By Culturekiosque Staff
NEW YORK, 12 SEPTEMBER 2015 Earlier this week, the Japan Art
Association announced that Mitsuko Uchida, the Japanese-born British
pianist whose deeply personal and insightful interpretations of Mozart and
Beethoven have set the highest standards in central repertoire and made
her one of the worlds greatest artists, and Sylvie Guillem, the French
ballerina whose artistry, technical prowess, and vivid dramatic presence
have established her as one of the premier dancers of her generation, have
won the 2015 Praemium Imperiale International Arts Award.
They are joined by three other internationally celebrated cultural
figures: Tadanori Yokoo, one of Japan's most popular and respected graphic
designers and artists; German sculptor Wolfgang Laib, known for
installations that call attention to the ephemeral nature of time and the
power of nature; and Dominique Perrault, the French architect who "treads
his own bold path" with designs that "can be wildly imaginative
abstractly minimal" (The Guardian).
At a ceremony in Tokyo on 21 October 2015, Imperial Highness Prince
Hitachi, honorary patron of the Japan Art Association, will present each
Praemium Imperiale winner with a specially-designed gold medal and a
testimonial letter. The award also brings with it 15 million yen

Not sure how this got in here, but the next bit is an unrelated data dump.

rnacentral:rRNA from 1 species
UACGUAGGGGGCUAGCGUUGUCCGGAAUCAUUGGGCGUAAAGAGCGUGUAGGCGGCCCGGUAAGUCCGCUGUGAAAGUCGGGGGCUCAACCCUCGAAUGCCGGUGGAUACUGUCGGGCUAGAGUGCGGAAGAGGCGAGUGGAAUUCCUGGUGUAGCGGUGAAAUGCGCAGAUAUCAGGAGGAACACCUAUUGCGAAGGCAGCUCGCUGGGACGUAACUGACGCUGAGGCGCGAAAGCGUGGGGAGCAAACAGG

Now in its 27th year, the Praemium Imperiale International Arts Award
is one of the most prestigious international prizes in the fields of
Painting, Sculpture, Architecture, Music and Theatre/Film. The prize has
become a powerful voice for the importance of cultural expression in
todays world, bringing international attention to the arts in much the
same way as the Nobel Prize brings attention to the sciences.
The 2015 Praemium Imperiale laureates join 134 of the greatest cultural
figures of the 20th and 21st centuries. They include Ingmar Bergman,
Leonard Bernstein, Peter Brook, Anthony Caro, Christo and Jeanne-Claude,
Dietrich Fischer-Dieskau, Norman Foster, Athol Fugard, Frank Gehry,
Jean-Luc Godard, David Hockney, Willem de Kooning, Akira Kurosawa, Renzo
Piano, Robert Rauschenberg, Mstislav Rostropovich and Ravi Shankar.
The Praemium Imperiale International Arts Award was created in 1988 to
commemorate the 100th anniversary of the Japan Art Association and to
honor the late Prince Takamatsu, who was the associations honorary patron
for 58 years.